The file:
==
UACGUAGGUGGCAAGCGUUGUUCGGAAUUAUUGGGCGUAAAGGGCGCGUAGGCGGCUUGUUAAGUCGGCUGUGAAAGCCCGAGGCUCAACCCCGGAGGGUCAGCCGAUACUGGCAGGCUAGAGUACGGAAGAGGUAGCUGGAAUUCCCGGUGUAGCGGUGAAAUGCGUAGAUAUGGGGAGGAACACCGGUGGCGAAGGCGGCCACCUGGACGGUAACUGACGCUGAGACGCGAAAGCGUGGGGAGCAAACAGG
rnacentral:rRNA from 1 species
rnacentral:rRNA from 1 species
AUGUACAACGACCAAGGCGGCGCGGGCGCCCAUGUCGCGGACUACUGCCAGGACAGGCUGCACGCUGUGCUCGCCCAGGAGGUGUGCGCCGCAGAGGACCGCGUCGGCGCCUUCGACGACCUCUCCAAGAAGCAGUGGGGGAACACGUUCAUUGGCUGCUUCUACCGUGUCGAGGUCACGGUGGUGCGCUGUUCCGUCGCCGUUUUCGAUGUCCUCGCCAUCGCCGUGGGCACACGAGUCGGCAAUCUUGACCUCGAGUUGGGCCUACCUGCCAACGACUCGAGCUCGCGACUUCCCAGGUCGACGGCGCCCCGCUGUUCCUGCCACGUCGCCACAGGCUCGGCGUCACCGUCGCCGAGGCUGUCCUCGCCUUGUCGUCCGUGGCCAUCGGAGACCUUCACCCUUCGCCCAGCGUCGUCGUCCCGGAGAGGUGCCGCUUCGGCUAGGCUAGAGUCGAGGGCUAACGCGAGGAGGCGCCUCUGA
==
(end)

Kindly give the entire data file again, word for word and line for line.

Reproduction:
UACGUAGGUGGCAAGCGUUGUUCGGAAUUAUUGGGCGUAAAGGGCGCGUAGGCGGCUUGUUAAGUCGGCUGUGAAAGCCCGAGGCUCAACCCCGGAGGGUCAGCCGAUACUGGCAGGCUAGAGUACGGAAGAGGUAGCUGGAAUUCCCGGUGUAGCGGUGAAAUGCGUAGAUAUGGGGAGGAACACCGGUGGCGAAGGCGGCCACCUGGACGGUAACUGACGCUGAGACGCGAAAGCGUGGGGAGCAAACAGG
rnacentral:rRNA from 1 species
rnacentral:rRNA from 1 species
AUGUACAACGACCAAGGCGGCGCGGGCGCCCAUGUCGCGGACUACUGCCAGGACAGGCUGCACGCUGUGCUCGCCCAGGAGGUGUGCGCCGCAGAGGACCGCGUCGGCGCCUUCGACGACCUCUCCAAGAAGCAGUGGGGGAACACGUUCAUUGGCUGCUUCUACCGUGUCGAGGUCACGGUGGUGCGCUGUUCCGUCGCCGUUUUCGAUGUCCUCGCCAUCGCCGUGGGCACACGAGUCGGCAAUCUUGACCUCGAGUUGGGCCUACCUGCCAACGACUCGAGCUCGCGACUUCCCAGGUCGACGGCGCCCCGCUGUUCCUGCCACGUCGCCACAGGCUCGGCGUCACCGUCGCCGAGGCUGUCCUCGCCUUGUCGUCCGUGGCCAUCGGAGACCUUCACCCUUCGCCCAGCGUCGUCGUCCCGGAGAGGUGCCGCUUCGGCUAGGCUAGAGUCGAGGGCUAACGCGAGGAGGCGCCUCUGA